Since my last post, several readers have written in to ask where the dice can be seen in Pompeii: The Exhibit. It seems that it may be so easy to get caught up in admiring the amazing gladiatorial armor on display that the dice—right next to the gladiator helmet (shown above)—go unnoticed.
Gladiatorial fights were a popular form of entertainment in Pompeii. The city featured a gladiator training center and barracks as well as an amphitheater where the fights were staged.
Most gladiators were slaves or prisoners of war, and their trainers would treat them like fine racehorses with plenty of healthy food and exercise. Several bits of graffiti in Pompeii suggest that they were also popular with the ladies. For instance, on a column in the gladiator barracks, someone scratched “Celadus the Thracian gladiator is the delight of all the girls.”
The gladiator helmet on display in Pompeii: The Exhibit was discovered about 200 years ago in the storeroom in the barracks. It would have belonged to a murmillo or “fish man,” whose helmet resembled the fin of a fish. A murmillo was armed with a sword and shield and commonly battled a thraex or Thracian, who also fought with a sword, but used a smaller shield and wore more armor. There were also several other types of gladiators that battled in various combinations.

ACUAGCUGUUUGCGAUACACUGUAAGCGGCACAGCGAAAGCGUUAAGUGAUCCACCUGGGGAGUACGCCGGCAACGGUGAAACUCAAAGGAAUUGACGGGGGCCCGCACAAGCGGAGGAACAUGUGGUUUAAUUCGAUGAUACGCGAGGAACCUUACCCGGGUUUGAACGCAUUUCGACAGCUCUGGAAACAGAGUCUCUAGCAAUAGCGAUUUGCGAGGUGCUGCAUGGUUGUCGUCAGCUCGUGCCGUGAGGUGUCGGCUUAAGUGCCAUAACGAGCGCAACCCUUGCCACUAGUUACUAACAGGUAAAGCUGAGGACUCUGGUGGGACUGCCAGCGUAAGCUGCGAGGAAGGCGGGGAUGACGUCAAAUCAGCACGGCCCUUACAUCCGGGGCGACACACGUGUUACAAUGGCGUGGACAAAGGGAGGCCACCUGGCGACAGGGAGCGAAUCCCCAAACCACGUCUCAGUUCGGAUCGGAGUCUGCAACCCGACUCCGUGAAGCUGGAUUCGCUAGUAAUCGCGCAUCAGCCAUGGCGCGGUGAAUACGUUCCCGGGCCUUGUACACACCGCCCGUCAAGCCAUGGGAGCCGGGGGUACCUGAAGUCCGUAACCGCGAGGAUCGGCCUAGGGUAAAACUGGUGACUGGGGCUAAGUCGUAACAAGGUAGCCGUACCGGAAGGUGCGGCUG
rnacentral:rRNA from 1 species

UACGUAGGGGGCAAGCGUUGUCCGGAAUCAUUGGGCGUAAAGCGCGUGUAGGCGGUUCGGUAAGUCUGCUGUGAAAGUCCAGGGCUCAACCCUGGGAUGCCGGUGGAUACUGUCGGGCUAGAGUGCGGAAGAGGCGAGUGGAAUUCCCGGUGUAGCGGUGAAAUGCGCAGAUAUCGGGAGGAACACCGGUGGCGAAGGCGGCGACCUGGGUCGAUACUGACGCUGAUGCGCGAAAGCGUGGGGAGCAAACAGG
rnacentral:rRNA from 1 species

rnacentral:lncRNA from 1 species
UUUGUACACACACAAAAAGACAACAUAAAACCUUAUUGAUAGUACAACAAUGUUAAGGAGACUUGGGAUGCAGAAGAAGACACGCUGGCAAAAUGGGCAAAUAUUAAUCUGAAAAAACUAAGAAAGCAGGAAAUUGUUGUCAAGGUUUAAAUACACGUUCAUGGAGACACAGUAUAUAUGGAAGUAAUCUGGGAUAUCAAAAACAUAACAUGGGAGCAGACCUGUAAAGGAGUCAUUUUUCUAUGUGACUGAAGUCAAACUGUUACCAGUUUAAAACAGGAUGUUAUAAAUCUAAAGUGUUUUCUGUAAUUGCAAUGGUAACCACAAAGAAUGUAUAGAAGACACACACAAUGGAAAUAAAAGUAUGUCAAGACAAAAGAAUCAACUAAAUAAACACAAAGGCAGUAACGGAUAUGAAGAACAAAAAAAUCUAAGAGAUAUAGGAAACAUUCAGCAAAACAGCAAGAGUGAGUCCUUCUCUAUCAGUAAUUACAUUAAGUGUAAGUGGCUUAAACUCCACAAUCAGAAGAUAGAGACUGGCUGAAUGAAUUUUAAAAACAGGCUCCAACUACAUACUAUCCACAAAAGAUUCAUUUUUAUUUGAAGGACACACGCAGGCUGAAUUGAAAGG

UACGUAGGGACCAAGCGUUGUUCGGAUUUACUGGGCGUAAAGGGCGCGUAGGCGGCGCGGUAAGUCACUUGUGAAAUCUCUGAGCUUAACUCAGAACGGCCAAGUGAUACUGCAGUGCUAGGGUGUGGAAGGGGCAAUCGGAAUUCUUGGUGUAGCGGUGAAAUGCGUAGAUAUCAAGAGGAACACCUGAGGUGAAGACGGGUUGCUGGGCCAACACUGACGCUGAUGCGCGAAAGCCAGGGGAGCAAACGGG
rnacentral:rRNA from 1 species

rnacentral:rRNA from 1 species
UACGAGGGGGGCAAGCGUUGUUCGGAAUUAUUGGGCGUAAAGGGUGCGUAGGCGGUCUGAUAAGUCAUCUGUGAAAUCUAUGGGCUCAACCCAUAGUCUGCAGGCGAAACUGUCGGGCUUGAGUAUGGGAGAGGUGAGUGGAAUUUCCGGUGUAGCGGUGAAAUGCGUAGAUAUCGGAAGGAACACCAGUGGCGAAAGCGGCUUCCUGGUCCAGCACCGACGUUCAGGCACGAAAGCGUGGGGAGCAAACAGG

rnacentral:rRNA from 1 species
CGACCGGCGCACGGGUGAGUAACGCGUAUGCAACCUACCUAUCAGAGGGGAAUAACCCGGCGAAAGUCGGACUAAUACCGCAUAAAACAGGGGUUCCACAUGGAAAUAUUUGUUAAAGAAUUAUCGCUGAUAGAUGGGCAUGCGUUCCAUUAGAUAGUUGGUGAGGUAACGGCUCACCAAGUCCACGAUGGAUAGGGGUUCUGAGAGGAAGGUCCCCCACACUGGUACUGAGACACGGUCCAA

Gladiatorial fans in Pompeii could be a rowdy bunch: in AD 59, a riot broke out in the amphitheater between the residents of Pompeii and their rival neighbors, the Nucerians. The historian Tacitus sniffily described the event:
“During an exchange of taunts—characteristic of these disorderly country towns—abuse led to stone throwing, and then swords were drawn.”
The Pompeians ended up running the Nucerians out of town, but were then banned by the Roman senate from holding gladiatorial contents for the next ten years. A fresco from the House of Actius Anicetus, now on display at the Naples Archaeological Museum, depicts the riots.
Fresco depicting the gladiatorial riot in Pompeii
While visitors to Pompeii can still visit the amphitheater where the gladiators fought, the gladiatorial barracks unfortunately collapsed last November.
You can help preserve what remains of Pompeii with your ticket purchase for Pompeii: The Exhibit. A portion of your admission price goes towards conservation of the ancient city.
For more fascinating facts on gladiators, click here.